Personal branding is as important to start-ups as the company brand. Who you are as an entrepreneur and how you present yourself have a massive effect on how your company is perceived. Consumers want more than a cold and unfeeling company – they want a face to the company. They want to feel as though they’re dealing with a person, someone they can trust.
There are plenty of reasons to build your personal brand, from helping your start-up to making sure the competition doesn’t indirectly brand you. Here are a number of ways you can do that.
Become an Authority
A good way to improve your personal branding as an entrepreneur is to become an authority in your industry. Go to seminars as a speaker and share your expertise with as many people as possible. Doing so will give off the idea that you’re an innovator, a thought leader who people should listen to and respect. If you do it right, you may find consumers waiting for your product instead of hopping onto the competition, even if they hit the market first.
Developing your personal brand is largely about trust. The moment consumers have a reason to question your motives or decisions, they’re going to leave. Save yourself the trouble and don’t try to be someone you’re not. If you’re dorky, embrace it. Don’t try to be cooler or more interesting than you are in an attempt to draw audiences to your product. Be you. The moment a competitor calls you out on putting on airs, you’re in trouble.
The worst part about pretending to be someone else is that there’s rarely anything to gain from it. You founded a start-up. You came up with something consumers want to buy. You’re plenty interesting.
Be One with Your Company
While your personal brand can be used beyond your life as an entrepreneur, it is primarily a tool that can help your start-up get off the ground. Embrace that idea and try to identify with your company. Think of traits you’ll have in your personal brand and figure out if the company brand also has them. Make the two align.
There are a number of benefits to this, the largest being the impression it’ll leave on consumers. If you’re known as an honest and hardworking person, and your company’s brand involves honesty and hard work, consumers will get the idea that whatever you work on will embody your values. This will not only benefit your current start-up, but any start-ups you may launch in the future.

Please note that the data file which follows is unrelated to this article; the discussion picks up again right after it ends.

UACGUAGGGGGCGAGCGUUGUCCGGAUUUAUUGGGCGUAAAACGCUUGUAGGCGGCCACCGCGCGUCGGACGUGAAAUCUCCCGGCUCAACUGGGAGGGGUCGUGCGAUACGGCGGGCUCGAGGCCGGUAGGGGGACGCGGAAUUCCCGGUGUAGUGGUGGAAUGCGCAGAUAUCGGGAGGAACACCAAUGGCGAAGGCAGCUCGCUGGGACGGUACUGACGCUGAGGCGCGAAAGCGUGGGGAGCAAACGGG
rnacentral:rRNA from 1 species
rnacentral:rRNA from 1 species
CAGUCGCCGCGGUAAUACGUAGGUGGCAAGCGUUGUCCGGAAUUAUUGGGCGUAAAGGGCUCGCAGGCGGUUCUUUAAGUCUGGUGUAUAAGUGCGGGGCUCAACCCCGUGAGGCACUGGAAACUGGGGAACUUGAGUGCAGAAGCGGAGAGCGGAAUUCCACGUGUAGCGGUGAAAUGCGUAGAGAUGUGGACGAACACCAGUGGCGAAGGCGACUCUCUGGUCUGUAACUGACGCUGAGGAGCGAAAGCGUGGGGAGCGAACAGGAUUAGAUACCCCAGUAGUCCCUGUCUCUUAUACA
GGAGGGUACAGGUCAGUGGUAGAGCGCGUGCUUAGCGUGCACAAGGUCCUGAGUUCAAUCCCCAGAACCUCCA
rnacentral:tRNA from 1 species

Get on Social Media
Your start-up isn’t the only one that should have social media accounts — you should have one as well. Social media networks will allow you to interact with your start-up’s audience and develop your reputation.
Pick one platform to stick to, at least to start. Twitter’s character limit means it’s best for short messages and quick thoughts instead of an in-depth discussion. If you want discussion not just between you and the consumers but among the consumers themselves, Facebook may be a better platform. Choose the social media network that fits your personality and needs.
Remember to stay on your absolute best behavior. There’s no intonation, no way to make sure that people understand when you’re being sarcastic or making a joke. Pay attention to your wording, or you may end up damaging your brand instead of building it.
Learn to Communicate Well
Between two people who have great and equally valuable ideas, people are going to flock to the one who can communicate their thoughts better. Consumers aren’t psychic – they won’t know what you have to offer unless you can lead them down your thought process. The best way to do that is to learn how to communicate better.
Keep an eye on what you write and say. Mind your grammar; a misplaced or forgotten coma can result in awkward or confusing wording, which can cost you sales. The better you present your ideas, the better looking you and your start-up will be.
How a start-up’s entrepreneur is perceived is as important as how the company is perceived. A great company can be brought low by a leader seen by the public as questionable or incompetent, whether or not you actually are questionable or incompetent. You could be the smartest entrepreneur in the world, but if people don’t know or believe that, they could easily be swayed to go to the competition. Work on your personal brand. Consider any time spent on it an investment into your start-up’s future.